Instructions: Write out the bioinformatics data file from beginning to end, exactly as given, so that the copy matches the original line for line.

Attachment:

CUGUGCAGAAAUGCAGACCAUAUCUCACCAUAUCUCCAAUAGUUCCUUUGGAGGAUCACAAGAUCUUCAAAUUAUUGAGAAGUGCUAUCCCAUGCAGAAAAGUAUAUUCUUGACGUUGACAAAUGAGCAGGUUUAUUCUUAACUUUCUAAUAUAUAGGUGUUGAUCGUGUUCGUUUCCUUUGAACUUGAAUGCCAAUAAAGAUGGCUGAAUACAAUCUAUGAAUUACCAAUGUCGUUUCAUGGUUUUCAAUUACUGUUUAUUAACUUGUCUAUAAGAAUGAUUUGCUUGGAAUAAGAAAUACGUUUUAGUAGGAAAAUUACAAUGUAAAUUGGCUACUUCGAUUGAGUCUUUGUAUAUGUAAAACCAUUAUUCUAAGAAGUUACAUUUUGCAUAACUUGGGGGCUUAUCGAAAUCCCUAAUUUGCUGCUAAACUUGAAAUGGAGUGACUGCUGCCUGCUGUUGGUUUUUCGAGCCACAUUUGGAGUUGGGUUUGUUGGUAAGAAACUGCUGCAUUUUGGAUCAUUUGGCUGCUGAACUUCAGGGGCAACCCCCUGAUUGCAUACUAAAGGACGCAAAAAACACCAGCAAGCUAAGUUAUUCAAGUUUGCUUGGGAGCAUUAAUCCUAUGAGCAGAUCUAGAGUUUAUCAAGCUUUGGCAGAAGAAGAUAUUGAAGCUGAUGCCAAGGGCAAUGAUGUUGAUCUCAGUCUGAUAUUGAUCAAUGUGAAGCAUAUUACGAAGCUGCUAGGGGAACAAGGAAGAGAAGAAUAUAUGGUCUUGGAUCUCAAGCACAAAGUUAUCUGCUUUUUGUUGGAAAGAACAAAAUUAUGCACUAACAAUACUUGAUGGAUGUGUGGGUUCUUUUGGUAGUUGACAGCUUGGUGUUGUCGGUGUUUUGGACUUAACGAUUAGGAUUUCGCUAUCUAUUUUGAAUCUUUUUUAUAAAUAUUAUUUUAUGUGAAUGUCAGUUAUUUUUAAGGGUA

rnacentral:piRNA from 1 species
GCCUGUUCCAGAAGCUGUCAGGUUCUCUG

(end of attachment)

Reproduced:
CUGUGCAGAAAUGCAGACCAUAUCUCACCAUAUCUCCAAUAGUUCCUUUGGAGGAUCACAAGAUCUUCAAAUUAUUGAGAAGUGCUAUCCCAUGCAGAAAAGUAUAUUCUUGACGUUGACAAAUGAGCAGGUUUAUUCUUAACUUUCUAAUAUAUAGGUGUUGAUCGUGUUCGUUUCCUUUGAACUUGAAUGCCAAUAAAGAUGGCUGAAUACAAUCUAUGAAUUACCAAUGUCGUUUCAUGGUUUUCAAUUACUGUUUAUUAACUUGUCUAUAAGAAUGAUUUGCUUGGAAUAAGAAAUACGUUUUAGUAGGAAAAUUACAAUGUAAAUUGGCUACUUCGAUUGAGUCUUUGUAUAUGUAAAACCAUUAUUCUAAGAAGUUACAUUUUGCAUAACUUGGGGGCUUAUCGAAAUCCCUAAUUUGCUGCUAAACUUGAAAUGGAGUGACUGCUGCCUGCUGUUGGUUUUUCGAGCCACAUUUGGAGUUGGGUUUGUUGGUAAGAAACUGCUGCAUUUUGGAUCAUUUGGCUGCUGAACUUCAGGGGCAACCCCCUGAUUGCAUACUAAAGGACGCAAAAAACACCAGCAAGCUAAGUUAUUCAAGUUUGCUUGGGAGCAUUAAUCCUAUGAGCAGAUCUAGAGUUUAUCAAGCUUUGGCAGAAGAAGAUAUUGAAGCUGAUGCCAAGGGCAAUGAUGUUGAUCUCAGUCUGAUAUUGAUCAAUGUGAAGCAUAUUACGAAGCUGCUAGGGGAACAAGGAAGAGAAGAAUAUAUGGUCUUGGAUCUCAAGCACAAAGUUAUCUGCUUUUUGUUGGAAAGAACAAAAUUAUGCACUAACAAUACUUGAUGGAUGUGUGGGUUCUUUUGGUAGUUGACAGCUUGGUGUUGUCGGUGUUUUGGACUUAACGAUUAGGAUUUCGCUAUCUAUUUUGAAUCUUUUUUAUAAAUAUUAUUUUAUGUGAAUGUCAGUUAUUUUUAAGGGUA

rnacentral:piRNA from 1 species
GCCUGUUCCAGAAGCUGUCAGGUUCUCUG